Here’s another LIS 515 reading list book for you, Internetland! This time around I read The Absolutely True Diary of a Part-Time Indian by Sherman Alexie, and again it’s not the type of book I would have been drawn to on my own. While I enjoy young adult novels I think this book is a little too young for me. Don’t get me wrong, the book was okay, but I think the writing was meant for someone with a much lower reading level than myself (says the University Masters student… not many people have the same reading level as I do).
So the basic plot outline is this: the story follows Junior, a reservation kid, as he decides to change the direction his life is taking by transferring to a different high school, off the rez. On the rez, Junior feels like a traitor for leaving, and everyone treats him as such. In town, he’s called Arnold and he’s treated like something dirty. Racism at it’s finest in this book, folks. Junior/Arnold goes through many trials and tribulations throughout the course of this book and yet somehow manages to portray his sadness, frustrations, and happiness through the cartoons he loves to draw.
Okay, good things about this book:
It’s realistic. As much as I hate to admit that reservation life is as bad as Junior/Arnold makes it out to be it really is in some parts of North America. I live in a small city in central Saskatchewan and there are a few reservations around. Poverty is a major concern. Some of the people living on the reservations would be better off living in a concentration camp. Harsh, but true. When Junior/Arnold says that people think Native Americans are rich because they own casinos but they really aren’t, he’s right.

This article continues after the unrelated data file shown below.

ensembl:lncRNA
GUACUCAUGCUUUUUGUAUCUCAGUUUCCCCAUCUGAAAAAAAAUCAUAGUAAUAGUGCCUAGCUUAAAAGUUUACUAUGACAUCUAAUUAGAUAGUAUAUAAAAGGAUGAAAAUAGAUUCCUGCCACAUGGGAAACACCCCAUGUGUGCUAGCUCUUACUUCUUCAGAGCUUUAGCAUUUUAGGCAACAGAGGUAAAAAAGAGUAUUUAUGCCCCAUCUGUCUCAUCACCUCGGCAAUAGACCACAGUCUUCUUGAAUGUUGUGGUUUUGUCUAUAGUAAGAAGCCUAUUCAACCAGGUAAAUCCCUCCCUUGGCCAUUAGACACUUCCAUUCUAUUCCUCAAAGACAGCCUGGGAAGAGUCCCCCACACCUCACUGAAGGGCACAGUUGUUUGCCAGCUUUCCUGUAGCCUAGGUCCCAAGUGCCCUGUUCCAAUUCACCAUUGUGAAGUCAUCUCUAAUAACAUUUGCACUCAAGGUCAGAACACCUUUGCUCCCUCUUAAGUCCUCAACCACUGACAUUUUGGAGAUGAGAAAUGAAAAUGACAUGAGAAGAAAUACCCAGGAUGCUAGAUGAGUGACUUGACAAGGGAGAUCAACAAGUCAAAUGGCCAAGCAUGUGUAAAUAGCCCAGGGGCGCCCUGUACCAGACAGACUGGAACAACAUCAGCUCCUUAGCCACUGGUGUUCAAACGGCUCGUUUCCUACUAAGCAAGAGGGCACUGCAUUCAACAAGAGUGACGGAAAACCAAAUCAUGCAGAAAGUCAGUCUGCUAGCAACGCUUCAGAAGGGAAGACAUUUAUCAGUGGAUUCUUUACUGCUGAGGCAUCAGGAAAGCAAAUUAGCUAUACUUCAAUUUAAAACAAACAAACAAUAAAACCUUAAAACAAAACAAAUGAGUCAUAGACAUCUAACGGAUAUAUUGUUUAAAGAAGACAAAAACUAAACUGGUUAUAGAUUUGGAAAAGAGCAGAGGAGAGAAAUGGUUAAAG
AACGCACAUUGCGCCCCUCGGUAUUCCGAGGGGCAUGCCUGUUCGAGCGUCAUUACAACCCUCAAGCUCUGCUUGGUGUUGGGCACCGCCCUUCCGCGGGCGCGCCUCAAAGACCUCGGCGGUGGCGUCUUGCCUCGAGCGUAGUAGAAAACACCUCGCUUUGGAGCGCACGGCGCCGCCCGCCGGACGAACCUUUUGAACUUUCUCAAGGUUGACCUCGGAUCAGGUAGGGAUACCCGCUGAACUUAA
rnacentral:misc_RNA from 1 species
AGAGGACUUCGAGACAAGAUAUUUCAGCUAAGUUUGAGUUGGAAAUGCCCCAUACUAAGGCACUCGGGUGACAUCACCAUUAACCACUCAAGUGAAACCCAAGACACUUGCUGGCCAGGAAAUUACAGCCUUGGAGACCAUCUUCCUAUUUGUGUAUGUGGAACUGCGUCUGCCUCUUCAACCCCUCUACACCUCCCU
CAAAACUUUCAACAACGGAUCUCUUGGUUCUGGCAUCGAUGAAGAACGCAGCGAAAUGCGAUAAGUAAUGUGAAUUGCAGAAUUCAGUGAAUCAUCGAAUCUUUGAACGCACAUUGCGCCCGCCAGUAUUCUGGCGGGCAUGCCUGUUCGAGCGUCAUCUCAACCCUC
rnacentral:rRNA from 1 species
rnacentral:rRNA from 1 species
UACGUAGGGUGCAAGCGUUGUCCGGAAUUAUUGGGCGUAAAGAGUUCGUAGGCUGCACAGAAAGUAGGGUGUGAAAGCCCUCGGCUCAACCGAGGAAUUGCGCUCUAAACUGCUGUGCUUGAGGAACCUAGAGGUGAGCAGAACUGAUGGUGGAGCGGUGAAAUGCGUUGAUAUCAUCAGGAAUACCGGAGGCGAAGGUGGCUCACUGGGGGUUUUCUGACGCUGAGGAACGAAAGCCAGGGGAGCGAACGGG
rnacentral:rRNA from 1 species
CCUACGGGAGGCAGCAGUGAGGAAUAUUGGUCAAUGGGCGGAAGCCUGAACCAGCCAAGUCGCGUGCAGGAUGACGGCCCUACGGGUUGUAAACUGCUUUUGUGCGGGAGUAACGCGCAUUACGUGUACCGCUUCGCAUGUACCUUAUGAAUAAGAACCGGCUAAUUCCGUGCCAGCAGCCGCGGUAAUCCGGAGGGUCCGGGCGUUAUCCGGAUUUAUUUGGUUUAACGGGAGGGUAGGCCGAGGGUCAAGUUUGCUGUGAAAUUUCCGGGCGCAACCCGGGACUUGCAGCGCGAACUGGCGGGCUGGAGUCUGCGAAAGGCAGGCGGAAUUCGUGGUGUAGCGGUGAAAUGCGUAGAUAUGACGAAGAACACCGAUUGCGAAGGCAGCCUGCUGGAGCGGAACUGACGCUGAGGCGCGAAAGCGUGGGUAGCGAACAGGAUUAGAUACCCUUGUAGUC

I like the way the cartoons are incorporated into the text and I feel they really add to the story. They show the reader Junior/Arnold’s sense of humour.
Junior/Arnold’s struggle to figure out who he is and what he should do was articulated really well. The reason I’ve been calling him Junior/Arnold is because he can’t figure out who he want’s to be until the end of the book when he and his best friend make up. Junior/Arnold needs his best friend, Rowdy, to accept him and his leaving the reservation before he can accept it himself.
Things I didn’t like were that Junior/Arnold is constantly putting himself down. Sometimes jokingly, and sometimes seriously. It was hard for me to read him constantly putting himself down as well as the other characters in the book. Junior/Arnold beat down his whole life, metaphorically and literally, and now the only way he can think about himself is in the way other people see him. This was hard for me to read because I used to think in the same for a long, long time.
So overall, I guess this book was okay. It was sometimes tough to read because of the emotions the story makes the reader feel, but the cartoons, humour, and simple writing style make this book pretty enjoyable.